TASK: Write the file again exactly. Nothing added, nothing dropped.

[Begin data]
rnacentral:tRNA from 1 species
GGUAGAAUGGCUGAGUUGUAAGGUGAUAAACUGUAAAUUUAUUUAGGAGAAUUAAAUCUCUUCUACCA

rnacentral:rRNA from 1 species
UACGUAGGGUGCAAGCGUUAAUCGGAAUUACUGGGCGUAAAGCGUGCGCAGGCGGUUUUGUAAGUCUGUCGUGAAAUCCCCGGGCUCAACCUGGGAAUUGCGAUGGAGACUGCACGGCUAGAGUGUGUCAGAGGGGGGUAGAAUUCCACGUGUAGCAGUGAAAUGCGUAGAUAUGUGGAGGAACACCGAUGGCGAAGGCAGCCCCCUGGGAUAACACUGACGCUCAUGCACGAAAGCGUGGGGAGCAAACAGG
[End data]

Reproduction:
rnacentral:tRNA from 1 species
GGUAGAAUGGCUGAGUUGUAAGGUGAUAAACUGUAAAUUUAUUUAGGAGAAUUAAAUCUCUUCUACCA

rnacentral:rRNA from 1 species
UACGUAGGGUGCAAGCGUUAAUCGGAAUUACUGGGCGUAAAGCGUGCGCAGGCGGUUUUGUAAGUCUGUCGUGAAAUCCCCGGGCUCAACCUGGGAAUUGCGAUGGAGACUGCACGGCUAGAGUGUGUCAGAGGGGGGUAGAAUUCCACGUGUAGCAGUGAAAUGCGUAGAUAUGUGGAGGAACACCGAUGGCGAAGGCAGCCCCCUGGGAUAACACUGACGCUCAUGCACGAAAGCGUGGGGAGCAAACAGG